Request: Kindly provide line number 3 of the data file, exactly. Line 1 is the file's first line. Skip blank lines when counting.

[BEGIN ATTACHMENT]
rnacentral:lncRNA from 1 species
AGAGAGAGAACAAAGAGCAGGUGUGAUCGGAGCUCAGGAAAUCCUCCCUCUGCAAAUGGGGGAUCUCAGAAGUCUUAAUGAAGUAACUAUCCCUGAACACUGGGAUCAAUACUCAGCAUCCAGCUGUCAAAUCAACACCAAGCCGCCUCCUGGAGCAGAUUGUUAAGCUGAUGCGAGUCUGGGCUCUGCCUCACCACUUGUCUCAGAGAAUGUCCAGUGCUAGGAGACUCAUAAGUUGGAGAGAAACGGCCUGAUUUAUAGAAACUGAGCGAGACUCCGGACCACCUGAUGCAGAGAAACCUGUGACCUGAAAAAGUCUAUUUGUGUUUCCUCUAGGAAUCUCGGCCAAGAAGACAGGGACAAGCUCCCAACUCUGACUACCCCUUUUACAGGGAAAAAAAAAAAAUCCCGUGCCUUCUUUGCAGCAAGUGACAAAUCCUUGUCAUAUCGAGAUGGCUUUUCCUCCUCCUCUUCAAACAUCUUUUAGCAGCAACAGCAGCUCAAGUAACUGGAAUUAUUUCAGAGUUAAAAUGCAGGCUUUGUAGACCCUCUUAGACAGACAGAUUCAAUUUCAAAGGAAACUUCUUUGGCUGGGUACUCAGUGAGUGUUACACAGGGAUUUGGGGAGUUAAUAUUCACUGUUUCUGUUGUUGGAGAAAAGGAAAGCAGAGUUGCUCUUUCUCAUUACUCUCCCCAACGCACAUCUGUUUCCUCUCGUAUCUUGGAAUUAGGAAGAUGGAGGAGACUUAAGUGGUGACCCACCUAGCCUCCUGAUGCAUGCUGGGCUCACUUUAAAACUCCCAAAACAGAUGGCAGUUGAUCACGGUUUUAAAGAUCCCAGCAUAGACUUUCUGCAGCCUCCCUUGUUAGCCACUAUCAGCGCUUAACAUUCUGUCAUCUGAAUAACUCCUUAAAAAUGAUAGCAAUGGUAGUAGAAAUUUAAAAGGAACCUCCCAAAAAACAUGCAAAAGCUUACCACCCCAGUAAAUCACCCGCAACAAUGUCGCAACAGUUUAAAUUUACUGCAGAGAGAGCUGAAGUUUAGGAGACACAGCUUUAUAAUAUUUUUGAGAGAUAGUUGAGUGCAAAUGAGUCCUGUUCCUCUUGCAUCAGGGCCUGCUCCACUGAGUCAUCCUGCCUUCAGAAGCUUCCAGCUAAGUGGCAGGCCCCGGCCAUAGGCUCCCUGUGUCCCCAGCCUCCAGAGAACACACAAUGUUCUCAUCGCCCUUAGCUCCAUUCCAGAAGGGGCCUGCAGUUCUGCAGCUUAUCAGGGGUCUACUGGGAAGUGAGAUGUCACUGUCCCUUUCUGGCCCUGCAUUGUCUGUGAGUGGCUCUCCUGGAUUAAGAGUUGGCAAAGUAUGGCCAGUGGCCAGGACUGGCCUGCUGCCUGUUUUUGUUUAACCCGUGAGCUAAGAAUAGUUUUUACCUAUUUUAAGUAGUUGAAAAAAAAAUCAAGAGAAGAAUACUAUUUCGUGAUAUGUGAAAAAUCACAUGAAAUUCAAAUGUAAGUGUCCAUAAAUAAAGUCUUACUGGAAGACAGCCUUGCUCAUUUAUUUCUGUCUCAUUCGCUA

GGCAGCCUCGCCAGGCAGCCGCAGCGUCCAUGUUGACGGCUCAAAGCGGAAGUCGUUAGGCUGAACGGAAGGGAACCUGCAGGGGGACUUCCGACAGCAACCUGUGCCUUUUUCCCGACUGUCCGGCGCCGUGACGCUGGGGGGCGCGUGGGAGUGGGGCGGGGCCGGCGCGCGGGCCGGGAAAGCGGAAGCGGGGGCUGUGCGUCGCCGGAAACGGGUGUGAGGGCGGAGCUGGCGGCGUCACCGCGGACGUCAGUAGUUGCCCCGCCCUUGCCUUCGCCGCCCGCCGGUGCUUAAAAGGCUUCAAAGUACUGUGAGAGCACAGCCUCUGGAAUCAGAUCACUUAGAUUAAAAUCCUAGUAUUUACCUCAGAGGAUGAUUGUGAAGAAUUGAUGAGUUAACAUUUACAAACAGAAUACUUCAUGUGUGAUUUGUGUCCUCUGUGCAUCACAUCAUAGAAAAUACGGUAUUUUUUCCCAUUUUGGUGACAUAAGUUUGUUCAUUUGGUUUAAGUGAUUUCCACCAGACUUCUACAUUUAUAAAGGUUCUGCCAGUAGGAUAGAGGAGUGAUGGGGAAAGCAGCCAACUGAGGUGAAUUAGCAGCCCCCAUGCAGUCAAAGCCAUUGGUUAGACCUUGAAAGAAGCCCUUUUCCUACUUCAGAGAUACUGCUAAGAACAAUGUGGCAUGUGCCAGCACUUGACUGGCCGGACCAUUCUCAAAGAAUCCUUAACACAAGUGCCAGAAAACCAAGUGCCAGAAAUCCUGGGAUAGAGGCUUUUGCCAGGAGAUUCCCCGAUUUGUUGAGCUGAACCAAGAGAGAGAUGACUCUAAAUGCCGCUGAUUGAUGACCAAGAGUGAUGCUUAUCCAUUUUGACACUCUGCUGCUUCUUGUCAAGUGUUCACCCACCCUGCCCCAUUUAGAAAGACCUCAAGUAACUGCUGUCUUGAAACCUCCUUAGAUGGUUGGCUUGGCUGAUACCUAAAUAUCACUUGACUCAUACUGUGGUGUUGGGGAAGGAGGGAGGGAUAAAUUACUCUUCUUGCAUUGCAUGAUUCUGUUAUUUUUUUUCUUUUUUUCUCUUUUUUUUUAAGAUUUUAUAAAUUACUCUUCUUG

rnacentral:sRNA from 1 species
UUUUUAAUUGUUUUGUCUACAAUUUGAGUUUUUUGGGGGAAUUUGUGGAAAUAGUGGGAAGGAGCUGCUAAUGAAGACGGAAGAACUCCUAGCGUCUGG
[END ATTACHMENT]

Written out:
GGCAGCCUCGCCAGGCAGCCGCAGCGUCCAUGUUGACGGCUCAAAGCGGAAGUCGUUAGGCUGAACGGAAGGGAACCUGCAGGGGGACUUCCGACAGCAACCUGUGCCUUUUUCCCGACUGUCCGGCGCCGUGACGCUGGGGGGCGCGUGGGAGUGGGGCGGGGCCGGCGCGCGGGCCGGGAAAGCGGAAGCGGGGGCUGUGCGUCGCCGGAAACGGGUGUGAGGGCGGAGCUGGCGGCGUCACCGCGGACGUCAGUAGUUGCCCCGCCCUUGCCUUCGCCGCCCGCCGGUGCUUAAAAGGCUUCAAAGUACUGUGAGAGCACAGCCUCUGGAAUCAGAUCACUUAGAUUAAAAUCCUAGUAUUUACCUCAGAGGAUGAUUGUGAAGAAUUGAUGAGUUAACAUUUACAAACAGAAUACUUCAUGUGUGAUUUGUGUCCUCUGUGCAUCACAUCAUAGAAAAUACGGUAUUUUUUCCCAUUUUGGUGACAUAAGUUUGUUCAUUUGGUUUAAGUGAUUUCCACCAGACUUCUACAUUUAUAAAGGUUCUGCCAGUAGGAUAGAGGAGUGAUGGGGAAAGCAGCCAACUGAGGUGAAUUAGCAGCCCCCAUGCAGUCAAAGCCAUUGGUUAGACCUUGAAAGAAGCCCUUUUCCUACUUCAGAGAUACUGCUAAGAACAAUGUGGCAUGUGCCAGCACUUGACUGGCCGGACCAUUCUCAAAGAAUCCUUAACACAAGUGCCAGAAAACCAAGUGCCAGAAAUCCUGGGAUAGAGGCUUUUGCCAGGAGAUUCCCCGAUUUGUUGAGCUGAACCAAGAGAGAGAUGACUCUAAAUGCCGCUGAUUGAUGACCAAGAGUGAUGCUUAUCCAUUUUGACACUCUGCUGCUUCUUGUCAAGUGUUCACCCACCCUGCCCCAUUUAGAAAGACCUCAAGUAACUGCUGUCUUGAAACCUCCUUAGAUGGUUGGCUUGGCUGAUACCUAAAUAUCACUUGACUCAUACUGUGGUGUUGGGGAAGGAGGGAGGGAUAAAUUACUCUUCUUGCAUUGCAUGAUUCUGUUAUUUUUUUUCUUUUUUUCUCUUUUUUUUUAAGAUUUUAUAAAUUACUCUUCUUG